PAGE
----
Dunbar weight room built over oil pits cited for code violations

dunbar scoreboard

Fire officials had safety concerns at Dunbar’s new weight room – part of its recently made-over football field and other facilities.

Photo by: Fern Shen

The new weight room at Paul Laurence Dunbar High School – created in a former auto shop as part of an Under Armour-funded makeover of the school’s football field – was cited by fire officials last month for code violations including not properly building the floor and not securing hazardous materials.

Turns out the old repair pits with auto lifts in the school’s former automotive shop had been covered over with flimsy plywood and then topped with rubberized mats, according to the report by WBAL-TV aired this week.

“It was a hazmat situation,” Baltimore City Fire Marshall Deputy Chief Raymond O’Brocki  told WBAL. “You just don’t hear of a school system or anybody just sort of [uni]laterally deciding to cover over these oil pits with plywood and rubber mats and create a weight room.”

Fire officials, who appear to have been alerted to the problem by the TV station, told their 11 I-team reporter the flimsy floor could have caved in under someone’s feet.

“We actually tore the floor apart, picked up the rubberized flooring and we found the mechanical lifts, and we found that they were welded down, so we broke the welding,” Lt. Derrick Ready said on camera.
He went on to note that school officials told him the floor was completed hastily so that it would be ready in time for the VIP-studded ceremonies planned around the new field and the first game to be played on it.
Under Armour CEO Kevin Plank, Mayor Stephanie Rawlings-Blake and a host of dignitaries and alumni attended an October 26 ceremony to celebrate the new artificial turf field and weight room. Computer rooms, a digital scoreboard a wrap-around track and other new features were installed at the school as part of an estimated $1 million-plus donation by the sports apparel giant.
“They apologized to me and said, ‘Mr. Ready, we apologize. We did a temporary fix,” Ready told WBAL. “We should not have done it that way, but we had to get everything done for homecoming.”
School System Response
Baltimore City Schools spokeswoman Edie House-Foster sent The Brew and WBAL this response to their report:
“Through generous support from UnderArmour, a room at Dunbar High School was renovated this fall to be a high quality weight room. After the renovation was completed, a small amount of oil (about a quart) was discovered in an area beneath the floor.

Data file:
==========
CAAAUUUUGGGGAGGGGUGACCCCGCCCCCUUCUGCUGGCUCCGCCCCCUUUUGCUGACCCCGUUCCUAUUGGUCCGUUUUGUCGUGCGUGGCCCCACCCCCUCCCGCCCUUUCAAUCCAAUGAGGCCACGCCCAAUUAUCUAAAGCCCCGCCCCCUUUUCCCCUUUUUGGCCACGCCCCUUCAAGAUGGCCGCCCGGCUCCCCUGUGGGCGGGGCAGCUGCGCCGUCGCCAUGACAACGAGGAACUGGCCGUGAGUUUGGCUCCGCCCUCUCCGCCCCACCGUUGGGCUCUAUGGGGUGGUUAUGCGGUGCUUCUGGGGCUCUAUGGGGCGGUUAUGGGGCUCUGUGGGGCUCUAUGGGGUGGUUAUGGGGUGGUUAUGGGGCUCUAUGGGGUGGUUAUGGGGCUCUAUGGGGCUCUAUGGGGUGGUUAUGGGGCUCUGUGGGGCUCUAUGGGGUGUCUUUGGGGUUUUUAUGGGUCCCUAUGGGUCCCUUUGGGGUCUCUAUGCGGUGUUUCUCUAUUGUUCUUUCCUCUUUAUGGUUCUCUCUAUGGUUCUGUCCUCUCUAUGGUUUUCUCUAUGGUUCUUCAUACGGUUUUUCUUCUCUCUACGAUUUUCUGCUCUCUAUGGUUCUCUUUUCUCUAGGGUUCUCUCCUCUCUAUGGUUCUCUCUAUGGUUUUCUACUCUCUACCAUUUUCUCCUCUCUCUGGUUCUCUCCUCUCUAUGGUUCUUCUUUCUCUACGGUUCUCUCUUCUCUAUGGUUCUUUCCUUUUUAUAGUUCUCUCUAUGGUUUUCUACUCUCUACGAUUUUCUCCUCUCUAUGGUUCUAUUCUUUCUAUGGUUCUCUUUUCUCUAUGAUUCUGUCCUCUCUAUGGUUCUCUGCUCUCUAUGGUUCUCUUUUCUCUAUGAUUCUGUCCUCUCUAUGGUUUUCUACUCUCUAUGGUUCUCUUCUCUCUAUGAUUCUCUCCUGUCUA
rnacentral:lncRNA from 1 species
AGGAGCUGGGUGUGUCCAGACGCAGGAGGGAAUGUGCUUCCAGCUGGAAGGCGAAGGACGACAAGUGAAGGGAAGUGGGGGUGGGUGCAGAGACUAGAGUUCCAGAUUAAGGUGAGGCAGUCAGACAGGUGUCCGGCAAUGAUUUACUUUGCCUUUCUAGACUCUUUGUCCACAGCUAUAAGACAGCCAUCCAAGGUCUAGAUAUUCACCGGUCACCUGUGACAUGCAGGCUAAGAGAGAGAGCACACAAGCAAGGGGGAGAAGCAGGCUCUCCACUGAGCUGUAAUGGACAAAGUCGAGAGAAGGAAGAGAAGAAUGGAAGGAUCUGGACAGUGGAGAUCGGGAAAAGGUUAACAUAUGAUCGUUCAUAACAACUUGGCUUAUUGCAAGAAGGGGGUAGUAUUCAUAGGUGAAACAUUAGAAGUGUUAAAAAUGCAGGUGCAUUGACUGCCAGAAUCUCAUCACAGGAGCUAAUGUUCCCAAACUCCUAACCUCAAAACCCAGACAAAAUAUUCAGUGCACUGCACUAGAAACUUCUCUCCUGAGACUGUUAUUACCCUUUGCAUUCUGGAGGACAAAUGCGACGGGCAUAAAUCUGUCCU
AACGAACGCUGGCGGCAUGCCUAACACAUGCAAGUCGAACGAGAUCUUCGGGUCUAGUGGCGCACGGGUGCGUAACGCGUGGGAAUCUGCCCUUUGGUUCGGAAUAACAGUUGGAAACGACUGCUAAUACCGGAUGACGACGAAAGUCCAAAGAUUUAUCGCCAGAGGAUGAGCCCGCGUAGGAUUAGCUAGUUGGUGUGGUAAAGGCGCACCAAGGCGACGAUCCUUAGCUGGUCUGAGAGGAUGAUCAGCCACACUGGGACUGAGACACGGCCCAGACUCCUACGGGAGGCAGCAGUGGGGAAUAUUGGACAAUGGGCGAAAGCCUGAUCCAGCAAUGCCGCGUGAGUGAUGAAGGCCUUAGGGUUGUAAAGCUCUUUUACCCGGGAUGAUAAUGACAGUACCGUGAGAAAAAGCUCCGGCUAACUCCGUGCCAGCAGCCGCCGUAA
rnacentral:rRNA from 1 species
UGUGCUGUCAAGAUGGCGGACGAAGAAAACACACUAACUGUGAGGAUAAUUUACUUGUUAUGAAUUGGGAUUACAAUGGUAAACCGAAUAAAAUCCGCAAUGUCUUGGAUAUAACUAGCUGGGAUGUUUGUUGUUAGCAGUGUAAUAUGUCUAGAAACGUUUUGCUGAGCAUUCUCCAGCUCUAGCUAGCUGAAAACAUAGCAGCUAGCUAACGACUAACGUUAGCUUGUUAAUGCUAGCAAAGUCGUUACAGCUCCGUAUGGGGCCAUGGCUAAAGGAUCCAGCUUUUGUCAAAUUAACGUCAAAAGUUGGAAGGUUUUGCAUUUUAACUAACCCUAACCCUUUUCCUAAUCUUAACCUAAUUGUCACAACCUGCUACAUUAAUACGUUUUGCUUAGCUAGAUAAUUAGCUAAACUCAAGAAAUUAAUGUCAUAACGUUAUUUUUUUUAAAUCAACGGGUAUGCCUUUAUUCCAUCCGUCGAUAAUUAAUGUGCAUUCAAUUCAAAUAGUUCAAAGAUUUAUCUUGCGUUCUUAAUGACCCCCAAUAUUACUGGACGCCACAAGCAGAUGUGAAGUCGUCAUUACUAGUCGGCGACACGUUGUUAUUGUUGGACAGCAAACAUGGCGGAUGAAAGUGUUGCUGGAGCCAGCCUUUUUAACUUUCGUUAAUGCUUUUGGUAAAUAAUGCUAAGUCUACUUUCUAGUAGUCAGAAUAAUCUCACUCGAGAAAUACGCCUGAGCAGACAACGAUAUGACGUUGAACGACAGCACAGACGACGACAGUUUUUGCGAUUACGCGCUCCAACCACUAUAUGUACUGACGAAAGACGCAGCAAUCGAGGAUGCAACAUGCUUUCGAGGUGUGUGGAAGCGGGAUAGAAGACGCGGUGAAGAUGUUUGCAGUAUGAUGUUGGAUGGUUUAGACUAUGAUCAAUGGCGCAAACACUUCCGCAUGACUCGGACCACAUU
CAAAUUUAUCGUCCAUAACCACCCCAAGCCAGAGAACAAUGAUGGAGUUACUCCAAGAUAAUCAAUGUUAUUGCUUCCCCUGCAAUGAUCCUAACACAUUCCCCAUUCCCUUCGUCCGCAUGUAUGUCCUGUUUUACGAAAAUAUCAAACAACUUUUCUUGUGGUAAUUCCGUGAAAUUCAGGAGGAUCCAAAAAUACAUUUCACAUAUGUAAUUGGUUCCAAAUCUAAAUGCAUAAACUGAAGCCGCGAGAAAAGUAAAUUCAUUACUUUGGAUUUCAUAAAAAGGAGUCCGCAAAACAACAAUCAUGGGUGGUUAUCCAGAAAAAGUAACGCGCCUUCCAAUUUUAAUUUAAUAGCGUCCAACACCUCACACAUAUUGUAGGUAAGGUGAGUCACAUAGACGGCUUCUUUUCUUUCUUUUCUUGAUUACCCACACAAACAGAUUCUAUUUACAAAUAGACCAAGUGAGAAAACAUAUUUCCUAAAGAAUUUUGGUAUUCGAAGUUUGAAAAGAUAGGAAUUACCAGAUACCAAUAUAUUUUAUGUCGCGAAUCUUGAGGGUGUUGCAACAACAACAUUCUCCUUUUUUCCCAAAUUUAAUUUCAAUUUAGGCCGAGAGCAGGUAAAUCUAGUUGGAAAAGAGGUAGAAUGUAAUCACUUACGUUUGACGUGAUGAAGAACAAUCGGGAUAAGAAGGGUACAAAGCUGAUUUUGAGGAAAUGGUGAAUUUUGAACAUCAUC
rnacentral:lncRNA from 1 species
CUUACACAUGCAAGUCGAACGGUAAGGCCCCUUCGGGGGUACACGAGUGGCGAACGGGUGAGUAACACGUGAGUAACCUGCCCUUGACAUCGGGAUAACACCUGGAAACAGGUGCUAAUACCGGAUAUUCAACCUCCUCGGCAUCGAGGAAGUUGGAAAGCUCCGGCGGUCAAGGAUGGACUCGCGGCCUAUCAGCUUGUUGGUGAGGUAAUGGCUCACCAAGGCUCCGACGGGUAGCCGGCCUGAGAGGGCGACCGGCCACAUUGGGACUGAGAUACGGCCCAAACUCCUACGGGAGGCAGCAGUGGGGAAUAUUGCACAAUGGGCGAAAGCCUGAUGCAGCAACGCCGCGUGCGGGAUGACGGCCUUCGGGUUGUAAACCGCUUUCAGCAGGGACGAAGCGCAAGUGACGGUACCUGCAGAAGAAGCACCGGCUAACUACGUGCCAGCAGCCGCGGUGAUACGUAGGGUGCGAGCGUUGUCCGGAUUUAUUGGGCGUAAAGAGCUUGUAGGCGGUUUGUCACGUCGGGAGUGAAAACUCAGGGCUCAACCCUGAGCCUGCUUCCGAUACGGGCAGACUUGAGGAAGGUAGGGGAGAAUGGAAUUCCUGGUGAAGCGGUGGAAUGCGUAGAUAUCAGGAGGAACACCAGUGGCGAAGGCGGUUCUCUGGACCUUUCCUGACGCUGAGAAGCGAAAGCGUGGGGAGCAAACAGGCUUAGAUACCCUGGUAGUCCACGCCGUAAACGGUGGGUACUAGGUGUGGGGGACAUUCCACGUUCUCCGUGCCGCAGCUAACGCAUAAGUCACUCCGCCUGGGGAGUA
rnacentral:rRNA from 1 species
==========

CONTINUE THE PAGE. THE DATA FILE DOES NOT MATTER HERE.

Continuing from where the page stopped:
Upon learning of the problem on October 26, City Schools immediately contacted one of our environmental contractors, Waste Tron of Maryland (WTM), to assist in investigating this problem. WTM determined that the oil was recent and not from leakage from an abandoned hydraulic system beneath the floor. WTM removed the oil (approximately one quart).

 The oil was removed October 31, after a two-day delay because of Hurricane Sandy 2012.  No students were in the room after City Schools received notification on Friday, October 26, 2012 through October 31, 2012.

There is no issue with oil in this weight room, nor is there any risk posed by the abandoned hydraulic system beneath the floor. As always, the safety of our students is our primary concern. We are pleased that this weight room is fully ready to be used by Dunbar’s outstanding athletic programs.”

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  • cwals99

    I’m not sure I understand.  When you read oil pit you have visions of considerable oil residue.  Then the underlined statement I assume represents the city response indicate almost no oil or dangers from petro fumes.  Do we know the truth in this?

    • baltimorebrew

      There were several technical violations, according to the WBAL report, but it seems fire officials were concerned most about the possibility floor could collapse. -fs

  • bmorepanic

    Just for once, I wish the city would build something that was outstandingly good, inspected and completed correctly.

  • Carol Ott

    Who was the contractor who decided to build it this way?  

    • baltimorebrew

      The whole project (football field, computer rooms, etc) was directed not by city schools but by UnderArmour which chose Turner Construction Co. to supervise the work. Not sure if they were the ones specifically involved in decision-making on this weight-room business. We’ll ask next week.
      - fs

  • trueheart4life

    The safety of our children is at stake and the Board of School Commissioners continues to allow sub-standard work products, harmful contract relations that introduce health risks and generally poor oversight of most of what Dr. Alonso does operationally on a daily basis.  Every aspect of the school system is currently being reformed except the recalcitrant school board … It’s time for a new oversight and accountability regime that provides for the safety and well being of our children … and let’s NOT forget about their education, which is also suspect!!!

  • discer

    I’m no contactor but it seems that common sense dictates removing the lifts, making sure there are no hazardous material left behind,  fill in the holes where the lifts were and then put down your floor. Seems someone took the easy and cheap way out. Just sayin’

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